Delegates and events

Sometimes a developer needs to communicate two or more scripts in order to execute functions.

For example, if I want to change a cube’s color when OnTriggerEnter is called, the code could be some like this:

This code will work with every game object that has the Player1 script attached to it.
But let’s say the developer wants a Player2, Player3 and also an Enemy1 to change the color. He’d have to create 3 additional variables, and check if all of them in the OnTriggerEnter function.

Another situation could be that Player1 script is changed to NewPlayer1. The CubeTrigger code should be refactored to make it work.

In order to avoid these situations, we can use Delegates and Events


The definition found in Microsoft documentation (here) is:
“A delegate is a type that represents references to methods with a particular parameter list and return type. When you instantiate a delegate, you can associate its instance with any method with a compatible signature and return type. You can invoke (or call) the method through the delegate instance.”
public delegate void Calculate();
public delegate int Calculate1(int x, int y);

Delegates support single and multi casting, it is, a delegate variable can hold one or many methods that match its signature.


Microsoft documentation (here) says:
“Events enable a class or object to notify other classes or objects when something of interest occurs.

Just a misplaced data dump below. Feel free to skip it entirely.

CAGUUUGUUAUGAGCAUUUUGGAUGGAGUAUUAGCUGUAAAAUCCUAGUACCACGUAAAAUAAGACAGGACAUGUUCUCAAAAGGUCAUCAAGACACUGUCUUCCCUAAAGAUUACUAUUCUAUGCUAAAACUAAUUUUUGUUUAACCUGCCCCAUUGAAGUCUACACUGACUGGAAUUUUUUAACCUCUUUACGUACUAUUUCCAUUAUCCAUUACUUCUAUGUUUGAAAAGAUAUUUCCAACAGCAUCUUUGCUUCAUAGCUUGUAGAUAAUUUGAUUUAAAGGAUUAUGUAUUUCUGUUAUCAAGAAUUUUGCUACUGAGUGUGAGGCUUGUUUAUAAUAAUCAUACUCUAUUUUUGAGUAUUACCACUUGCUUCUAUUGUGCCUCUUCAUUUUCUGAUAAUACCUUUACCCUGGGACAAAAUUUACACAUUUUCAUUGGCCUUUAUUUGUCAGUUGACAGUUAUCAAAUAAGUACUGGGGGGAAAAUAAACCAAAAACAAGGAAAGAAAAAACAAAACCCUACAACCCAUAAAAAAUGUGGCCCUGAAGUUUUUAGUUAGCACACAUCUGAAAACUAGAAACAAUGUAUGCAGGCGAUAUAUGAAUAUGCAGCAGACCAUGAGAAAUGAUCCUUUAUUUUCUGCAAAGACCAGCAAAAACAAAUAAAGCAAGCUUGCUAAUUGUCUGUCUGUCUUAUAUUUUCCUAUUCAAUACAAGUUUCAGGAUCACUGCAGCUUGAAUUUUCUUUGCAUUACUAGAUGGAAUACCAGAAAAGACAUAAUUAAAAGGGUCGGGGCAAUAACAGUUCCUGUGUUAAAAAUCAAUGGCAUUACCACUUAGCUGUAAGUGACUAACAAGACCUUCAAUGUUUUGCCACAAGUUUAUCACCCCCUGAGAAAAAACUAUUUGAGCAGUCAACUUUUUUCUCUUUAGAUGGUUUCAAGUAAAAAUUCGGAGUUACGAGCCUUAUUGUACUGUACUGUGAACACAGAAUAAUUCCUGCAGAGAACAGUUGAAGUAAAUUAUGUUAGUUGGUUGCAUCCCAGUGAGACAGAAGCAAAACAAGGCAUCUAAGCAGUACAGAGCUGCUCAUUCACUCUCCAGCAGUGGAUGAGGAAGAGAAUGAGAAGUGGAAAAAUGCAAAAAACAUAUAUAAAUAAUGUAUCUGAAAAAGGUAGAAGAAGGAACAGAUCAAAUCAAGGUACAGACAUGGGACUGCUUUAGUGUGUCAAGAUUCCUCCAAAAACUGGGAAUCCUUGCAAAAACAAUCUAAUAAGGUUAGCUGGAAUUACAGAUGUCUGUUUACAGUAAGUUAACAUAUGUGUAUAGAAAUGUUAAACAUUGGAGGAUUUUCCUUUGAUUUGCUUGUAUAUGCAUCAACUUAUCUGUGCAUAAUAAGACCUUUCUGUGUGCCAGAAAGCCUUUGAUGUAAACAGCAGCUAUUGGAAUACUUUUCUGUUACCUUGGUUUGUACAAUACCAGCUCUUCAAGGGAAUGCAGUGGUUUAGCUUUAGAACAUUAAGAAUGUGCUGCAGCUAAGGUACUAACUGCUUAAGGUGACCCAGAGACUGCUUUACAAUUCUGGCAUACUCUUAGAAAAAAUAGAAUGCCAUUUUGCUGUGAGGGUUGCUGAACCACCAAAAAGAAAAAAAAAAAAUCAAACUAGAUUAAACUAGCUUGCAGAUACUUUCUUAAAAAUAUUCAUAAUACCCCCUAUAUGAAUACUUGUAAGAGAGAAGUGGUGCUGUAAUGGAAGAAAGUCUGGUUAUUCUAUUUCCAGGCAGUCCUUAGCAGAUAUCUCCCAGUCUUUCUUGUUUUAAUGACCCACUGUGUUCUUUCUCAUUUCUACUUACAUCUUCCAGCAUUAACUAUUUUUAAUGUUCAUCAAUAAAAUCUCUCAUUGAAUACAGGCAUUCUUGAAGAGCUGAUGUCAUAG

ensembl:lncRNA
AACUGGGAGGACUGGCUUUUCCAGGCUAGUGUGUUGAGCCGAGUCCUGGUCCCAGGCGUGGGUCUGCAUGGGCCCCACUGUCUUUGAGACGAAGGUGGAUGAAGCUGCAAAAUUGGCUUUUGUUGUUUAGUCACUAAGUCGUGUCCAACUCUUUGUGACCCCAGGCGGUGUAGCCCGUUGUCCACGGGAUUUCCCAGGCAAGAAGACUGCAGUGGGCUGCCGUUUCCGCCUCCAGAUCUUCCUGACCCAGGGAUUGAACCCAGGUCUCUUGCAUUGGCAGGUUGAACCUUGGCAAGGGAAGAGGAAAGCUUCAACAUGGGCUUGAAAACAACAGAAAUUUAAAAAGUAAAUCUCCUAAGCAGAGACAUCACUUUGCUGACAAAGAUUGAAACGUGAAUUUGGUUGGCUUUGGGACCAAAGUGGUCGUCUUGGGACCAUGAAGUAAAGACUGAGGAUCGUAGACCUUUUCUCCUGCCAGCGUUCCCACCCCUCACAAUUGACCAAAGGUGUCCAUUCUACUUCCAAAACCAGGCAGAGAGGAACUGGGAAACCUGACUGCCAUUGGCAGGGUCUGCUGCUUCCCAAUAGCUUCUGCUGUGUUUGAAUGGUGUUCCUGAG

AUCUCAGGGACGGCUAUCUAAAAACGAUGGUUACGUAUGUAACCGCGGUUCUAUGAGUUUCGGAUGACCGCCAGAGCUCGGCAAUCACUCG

The class that sends (or raises) the event is called the publisher and the classes that receive (or handle) the event are called subscribers.”

Delegates and Events are part of the Observer pattern.

In Wikipedia we find this definition: “The observer pattern is a software design pattern in which an object, named the subject, maintains a list of its dependents, called observers, and notifies them automatically of any state changes, usually by calling one of their methods.

Using the example above, let’s make some changes.

Correction: unsubscribing in OnDisable():
OtherTranining.onLimitPassed -= ChangeColor
OtherTranining.onLimitPassed -= ChangeSize

Keep in mind:

  • The class who raises the event is CubeTrigger
  • The class who is listening to the event is Player1. When the event is raised, Player1 will execute ChangeColor
  • It is a good practice to check if the event is null before raising it.
  • Also, it is a good practice to subscribe and unsubscribe to the events, using commonly OnEnable and OnDisable

Now, everytime the cubeTrigger raises the OnLimitPassed event (that happens when OnTriggerEnter is executed), each listener (Player1 and Player2) will execute the respective function ( ChangeColor and ChangeSize).

Why is it so important?
Because now we can add as many listeners (Classes) as we want, and all of them will execute their own method when the event ( OnLimitPassed) is raised, it is, is called in OnTriggerEnter

From the coding point of view, it is called decoupling or loose coupling, it is, there is no inter-dependency between scripts. It’s a very important coding design pattern.

What is that?

It means that, for example, if I remove Player2 from the scene or the project, there won’t be any errors or refactoring issues, because the way listeners and subscribers communicate with each other is through events.



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